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The Education Crisis in Australia


In recent times, it has been the observation of many, including parents, that our education standards have been slipping. This document incorporates two separate discussion papers addressing this concern.

The Educational Crisis in Schools: What Must Be Done? by Dr Rocco Loiacono

Teacher Training and the Crisis in Australian Higher Education by Professor Matthew Ogilvie


June 2023

Ron Manners AO
Dr Rocco Loiacono
Professor Matthew Ogilvie


  1. Mannkal Economic Education Foundation

    The below commentary on this discussion paper was submitted by Barbary Oakley, Ph.D., P.E., FAIMBE, FIEEE. Barbara is an American professor of engineering at Oakland University and McMaster University whose online courses on learning are some of the most popular MOOC classes in the world. She is involved in multiple areas of research, ranging from STEM education, to learning practices.

    Your introduction, along with the two reports themselves, form a very important set of education papers that, sadly, also describe many trends in US education. Dr. Loiacono’s report is altogether outstanding. My only tangential comment is that the Hellenic Classical Charter School in Brooklyn’s Park, New York is mentioned with relation to its high standards and high achievements. But a perhaps more encompassing example involving New York State is that of the Success Academy. This recent article in the Wall Street Journal describes the remarkable story:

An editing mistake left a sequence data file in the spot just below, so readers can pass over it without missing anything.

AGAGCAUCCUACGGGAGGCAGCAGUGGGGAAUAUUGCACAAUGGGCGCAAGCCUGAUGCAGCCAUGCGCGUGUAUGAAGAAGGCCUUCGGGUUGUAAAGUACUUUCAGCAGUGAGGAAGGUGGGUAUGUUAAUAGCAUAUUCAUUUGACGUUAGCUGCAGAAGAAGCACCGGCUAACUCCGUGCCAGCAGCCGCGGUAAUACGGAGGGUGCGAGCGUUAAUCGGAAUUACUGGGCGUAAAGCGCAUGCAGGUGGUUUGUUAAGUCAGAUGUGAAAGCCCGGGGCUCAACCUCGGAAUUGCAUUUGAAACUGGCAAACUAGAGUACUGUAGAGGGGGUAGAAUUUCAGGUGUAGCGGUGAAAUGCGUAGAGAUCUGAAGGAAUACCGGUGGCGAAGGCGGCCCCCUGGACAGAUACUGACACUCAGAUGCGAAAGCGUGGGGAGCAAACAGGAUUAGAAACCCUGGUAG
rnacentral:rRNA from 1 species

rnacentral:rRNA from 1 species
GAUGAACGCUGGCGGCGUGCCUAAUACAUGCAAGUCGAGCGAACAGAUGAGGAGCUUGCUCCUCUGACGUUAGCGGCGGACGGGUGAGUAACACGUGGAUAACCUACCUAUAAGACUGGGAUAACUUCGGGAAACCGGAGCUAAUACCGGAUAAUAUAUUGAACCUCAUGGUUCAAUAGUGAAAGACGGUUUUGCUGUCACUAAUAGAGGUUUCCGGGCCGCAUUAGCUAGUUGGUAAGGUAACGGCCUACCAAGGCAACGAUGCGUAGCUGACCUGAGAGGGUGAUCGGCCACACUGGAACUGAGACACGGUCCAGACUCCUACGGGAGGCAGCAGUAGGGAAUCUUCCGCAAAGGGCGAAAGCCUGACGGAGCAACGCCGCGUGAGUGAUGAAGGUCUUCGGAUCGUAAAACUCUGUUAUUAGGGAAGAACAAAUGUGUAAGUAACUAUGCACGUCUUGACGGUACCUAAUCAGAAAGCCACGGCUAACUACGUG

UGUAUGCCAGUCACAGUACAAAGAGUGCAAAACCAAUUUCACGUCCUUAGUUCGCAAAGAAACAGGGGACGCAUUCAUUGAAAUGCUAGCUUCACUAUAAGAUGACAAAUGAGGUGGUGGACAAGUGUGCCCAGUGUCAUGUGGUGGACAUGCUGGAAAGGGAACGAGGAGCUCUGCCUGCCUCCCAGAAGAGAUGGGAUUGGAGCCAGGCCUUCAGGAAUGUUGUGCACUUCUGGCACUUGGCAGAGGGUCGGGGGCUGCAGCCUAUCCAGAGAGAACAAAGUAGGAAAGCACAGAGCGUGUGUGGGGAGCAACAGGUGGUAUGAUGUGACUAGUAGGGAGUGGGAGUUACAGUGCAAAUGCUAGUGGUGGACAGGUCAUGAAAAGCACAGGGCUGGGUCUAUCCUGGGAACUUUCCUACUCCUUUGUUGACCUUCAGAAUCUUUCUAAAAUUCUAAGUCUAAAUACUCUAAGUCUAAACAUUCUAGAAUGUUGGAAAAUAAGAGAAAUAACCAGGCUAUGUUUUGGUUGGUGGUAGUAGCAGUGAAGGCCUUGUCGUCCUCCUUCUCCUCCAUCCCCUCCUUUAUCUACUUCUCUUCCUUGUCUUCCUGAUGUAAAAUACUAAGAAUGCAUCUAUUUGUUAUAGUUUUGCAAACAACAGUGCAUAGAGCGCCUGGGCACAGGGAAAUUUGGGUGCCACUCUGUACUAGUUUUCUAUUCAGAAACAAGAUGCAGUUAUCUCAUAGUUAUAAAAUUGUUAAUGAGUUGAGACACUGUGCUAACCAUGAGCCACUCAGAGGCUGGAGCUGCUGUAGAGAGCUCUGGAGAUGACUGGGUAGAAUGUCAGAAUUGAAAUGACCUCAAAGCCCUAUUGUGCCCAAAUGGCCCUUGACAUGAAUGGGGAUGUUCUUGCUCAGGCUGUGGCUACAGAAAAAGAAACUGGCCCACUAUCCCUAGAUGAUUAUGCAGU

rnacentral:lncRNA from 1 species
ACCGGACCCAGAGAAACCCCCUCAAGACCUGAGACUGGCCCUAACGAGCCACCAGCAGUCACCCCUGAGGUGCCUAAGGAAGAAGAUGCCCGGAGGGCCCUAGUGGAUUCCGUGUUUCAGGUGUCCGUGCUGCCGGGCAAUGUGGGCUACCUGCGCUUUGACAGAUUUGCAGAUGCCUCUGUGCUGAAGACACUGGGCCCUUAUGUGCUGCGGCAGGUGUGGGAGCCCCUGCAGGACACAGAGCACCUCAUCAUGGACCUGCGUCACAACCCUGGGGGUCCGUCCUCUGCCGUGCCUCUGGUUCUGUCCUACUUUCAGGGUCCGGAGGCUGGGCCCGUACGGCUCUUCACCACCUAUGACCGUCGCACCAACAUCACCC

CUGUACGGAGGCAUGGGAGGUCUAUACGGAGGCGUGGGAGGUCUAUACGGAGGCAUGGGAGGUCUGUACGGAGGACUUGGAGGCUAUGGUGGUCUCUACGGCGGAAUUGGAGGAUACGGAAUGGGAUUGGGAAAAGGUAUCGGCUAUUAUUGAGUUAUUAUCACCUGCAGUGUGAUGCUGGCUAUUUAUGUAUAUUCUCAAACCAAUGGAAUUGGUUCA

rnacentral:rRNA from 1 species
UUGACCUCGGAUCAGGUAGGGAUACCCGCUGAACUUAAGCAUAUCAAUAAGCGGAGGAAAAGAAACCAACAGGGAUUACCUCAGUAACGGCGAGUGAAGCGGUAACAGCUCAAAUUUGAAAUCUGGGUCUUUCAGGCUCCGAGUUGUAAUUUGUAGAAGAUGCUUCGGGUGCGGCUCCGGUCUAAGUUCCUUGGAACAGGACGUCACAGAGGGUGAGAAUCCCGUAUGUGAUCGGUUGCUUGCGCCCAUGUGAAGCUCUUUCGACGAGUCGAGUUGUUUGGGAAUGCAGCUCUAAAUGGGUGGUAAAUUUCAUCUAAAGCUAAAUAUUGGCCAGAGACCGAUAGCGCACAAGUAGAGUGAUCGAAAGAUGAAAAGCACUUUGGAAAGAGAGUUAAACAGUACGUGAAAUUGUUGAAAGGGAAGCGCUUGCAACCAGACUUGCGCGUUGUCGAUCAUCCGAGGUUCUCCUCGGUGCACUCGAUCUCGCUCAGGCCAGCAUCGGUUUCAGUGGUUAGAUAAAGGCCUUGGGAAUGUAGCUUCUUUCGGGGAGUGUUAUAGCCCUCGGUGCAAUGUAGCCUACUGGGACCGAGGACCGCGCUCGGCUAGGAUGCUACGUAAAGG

The school we founded, Success Academy, has blossomed into a network of 49 schools educating 20,000 children. If we were our own school district, we’d be the fifth largest in New York state. Over the past several years, our mainly poor and minority students have done better on average in all subject areas than students in any school district in the Empire State, including affluent suburban districts. Our success is due in no small measure to the Success for All curriculum that Mr. Greenblatt [who initiated and bankrolled the initial charter school approach] championed.